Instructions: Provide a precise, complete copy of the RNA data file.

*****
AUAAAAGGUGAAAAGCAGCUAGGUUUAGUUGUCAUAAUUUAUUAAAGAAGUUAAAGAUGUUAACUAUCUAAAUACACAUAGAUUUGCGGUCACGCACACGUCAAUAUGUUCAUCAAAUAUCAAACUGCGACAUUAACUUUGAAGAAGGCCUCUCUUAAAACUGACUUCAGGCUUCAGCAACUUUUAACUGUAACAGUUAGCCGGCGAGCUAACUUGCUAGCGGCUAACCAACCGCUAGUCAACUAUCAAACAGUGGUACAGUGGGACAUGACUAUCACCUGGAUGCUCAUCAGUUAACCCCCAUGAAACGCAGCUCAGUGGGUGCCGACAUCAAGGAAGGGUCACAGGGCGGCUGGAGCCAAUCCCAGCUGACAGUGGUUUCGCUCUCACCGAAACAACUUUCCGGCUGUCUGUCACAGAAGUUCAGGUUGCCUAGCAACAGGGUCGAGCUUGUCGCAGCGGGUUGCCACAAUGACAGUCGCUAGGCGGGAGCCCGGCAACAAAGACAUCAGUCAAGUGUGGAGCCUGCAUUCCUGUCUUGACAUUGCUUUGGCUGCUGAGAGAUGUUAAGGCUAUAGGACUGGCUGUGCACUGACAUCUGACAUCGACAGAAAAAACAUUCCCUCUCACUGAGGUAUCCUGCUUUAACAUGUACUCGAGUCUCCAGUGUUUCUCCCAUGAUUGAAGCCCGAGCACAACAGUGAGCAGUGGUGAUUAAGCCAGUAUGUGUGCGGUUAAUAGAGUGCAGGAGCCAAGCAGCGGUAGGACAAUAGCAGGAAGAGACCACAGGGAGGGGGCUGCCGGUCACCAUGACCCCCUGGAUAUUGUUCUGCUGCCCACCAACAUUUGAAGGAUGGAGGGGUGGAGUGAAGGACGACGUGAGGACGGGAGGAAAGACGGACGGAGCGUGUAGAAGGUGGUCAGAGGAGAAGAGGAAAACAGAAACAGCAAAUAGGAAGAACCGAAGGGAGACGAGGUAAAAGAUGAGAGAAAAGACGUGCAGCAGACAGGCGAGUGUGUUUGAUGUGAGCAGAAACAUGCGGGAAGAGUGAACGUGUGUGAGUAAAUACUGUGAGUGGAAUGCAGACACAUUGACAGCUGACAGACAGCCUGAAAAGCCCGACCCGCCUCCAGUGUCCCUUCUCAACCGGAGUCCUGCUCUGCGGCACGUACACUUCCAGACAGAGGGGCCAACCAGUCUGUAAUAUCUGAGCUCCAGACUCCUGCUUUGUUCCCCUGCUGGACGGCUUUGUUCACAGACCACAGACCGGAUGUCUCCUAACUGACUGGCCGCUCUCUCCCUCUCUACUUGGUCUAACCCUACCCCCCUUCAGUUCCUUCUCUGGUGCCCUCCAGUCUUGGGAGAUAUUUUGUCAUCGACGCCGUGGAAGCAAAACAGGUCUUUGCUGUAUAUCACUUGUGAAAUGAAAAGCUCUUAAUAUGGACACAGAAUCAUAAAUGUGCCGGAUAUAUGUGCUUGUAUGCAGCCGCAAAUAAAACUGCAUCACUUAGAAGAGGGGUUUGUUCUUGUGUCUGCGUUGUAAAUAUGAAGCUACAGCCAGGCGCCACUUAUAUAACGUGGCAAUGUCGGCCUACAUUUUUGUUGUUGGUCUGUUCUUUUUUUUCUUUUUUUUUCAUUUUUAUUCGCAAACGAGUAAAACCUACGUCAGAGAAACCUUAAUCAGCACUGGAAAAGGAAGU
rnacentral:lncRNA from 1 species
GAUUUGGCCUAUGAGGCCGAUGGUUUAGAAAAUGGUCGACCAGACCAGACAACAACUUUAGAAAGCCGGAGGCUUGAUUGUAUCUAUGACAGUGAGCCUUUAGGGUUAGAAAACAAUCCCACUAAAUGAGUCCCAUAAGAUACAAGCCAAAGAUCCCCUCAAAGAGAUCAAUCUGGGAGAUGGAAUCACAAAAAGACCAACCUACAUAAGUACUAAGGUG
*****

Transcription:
AUAAAAGGUGAAAAGCAGCUAGGUUUAGUUGUCAUAAUUUAUUAAAGAAGUUAAAGAUGUUAACUAUCUAAAUACACAUAGAUUUGCGGUCACGCACACGUCAAUAUGUUCAUCAAAUAUCAAACUGCGACAUUAACUUUGAAGAAGGCCUCUCUUAAAACUGACUUCAGGCUUCAGCAACUUUUAACUGUAACAGUUAGCCGGCGAGCUAACUUGCUAGCGGCUAACCAACCGCUAGUCAACUAUCAAACAGUGGUACAGUGGGACAUGACUAUCACCUGGAUGCUCAUCAGUUAACCCCCAUGAAACGCAGCUCAGUGGGUGCCGACAUCAAGGAAGGGUCACAGGGCGGCUGGAGCCAAUCCCAGCUGACAGUGGUUUCGCUCUCACCGAAACAACUUUCCGGCUGUCUGUCACAGAAGUUCAGGUUGCCUAGCAACAGGGUCGAGCUUGUCGCAGCGGGUUGCCACAAUGACAGUCGCUAGGCGGGAGCCCGGCAACAAAGACAUCAGUCAAGUGUGGAGCCUGCAUUCCUGUCUUGACAUUGCUUUGGCUGCUGAGAGAUGUUAAGGCUAUAGGACUGGCUGUGCACUGACAUCUGACAUCGACAGAAAAAACAUUCCCUCUCACUGAGGUAUCCUGCUUUAACAUGUACUCGAGUCUCCAGUGUUUCUCCCAUGAUUGAAGCCCGAGCACAACAGUGAGCAGUGGUGAUUAAGCCAGUAUGUGUGCGGUUAAUAGAGUGCAGGAGCCAAGCAGCGGUAGGACAAUAGCAGGAAGAGACCACAGGGAGGGGGCUGCCGGUCACCAUGACCCCCUGGAUAUUGUUCUGCUGCCCACCAACAUUUGAAGGAUGGAGGGGUGGAGUGAAGGACGACGUGAGGACGGGAGGAAAGACGGACGGAGCGUGUAGAAGGUGGUCAGAGGAGAAGAGGAAAACAGAAACAGCAAAUAGGAAGAACCGAAGGGAGACGAGGUAAAAGAUGAGAGAAAAGACGUGCAGCAGACAGGCGAGUGUGUUUGAUGUGAGCAGAAACAUGCGGGAAGAGUGAACGUGUGUGAGUAAAUACUGUGAGUGGAAUGCAGACACAUUGACAGCUGACAGACAGCCUGAAAAGCCCGACCCGCCUCCAGUGUCCCUUCUCAACCGGAGUCCUGCUCUGCGGCACGUACACUUCCAGACAGAGGGGCCAACCAGUCUGUAAUAUCUGAGCUCCAGACUCCUGCUUUGUUCCCCUGCUGGACGGCUUUGUUCACAGACCACAGACCGGAUGUCUCCUAACUGACUGGCCGCUCUCUCCCUCUCUACUUGGUCUAACCCUACCCCCCUUCAGUUCCUUCUCUGGUGCCCUCCAGUCUUGGGAGAUAUUUUGUCAUCGACGCCGUGGAAGCAAAACAGGUCUUUGCUGUAUAUCACUUGUGAAAUGAAAAGCUCUUAAUAUGGACACAGAAUCAUAAAUGUGCCGGAUAUAUGUGCUUGUAUGCAGCCGCAAAUAAAACUGCAUCACUUAGAAGAGGGGUUUGUUCUUGUGUCUGCGUUGUAAAUAUGAAGCUACAGCCAGGCGCCACUUAUAUAACGUGGCAAUGUCGGCCUACAUUUUUGUUGUUGGUCUGUUCUUUUUUUUCUUUUUUUUUCAUUUUUAUUCGCAAACGAGUAAAACCUACGUCAGAGAAACCUUAAUCAGCACUGGAAAAGGAAGU
rnacentral:lncRNA from 1 species
GAUUUGGCCUAUGAGGCCGAUGGUUUAGAAAAUGGUCGACCAGACCAGACAACAACUUUAGAAAGCCGGAGGCUUGAUUGUAUCUAUGACAGUGAGCCUUUAGGGUUAGAAAACAAUCCCACUAAAUGAGUCCCAUAAGAUACAAGCCAAAGAUCCCCUCAAAGAGAUCAAUCUGGGAGAUGGAAUCACAAAAAGACCAACCUACAUAAGUACUAAGGUG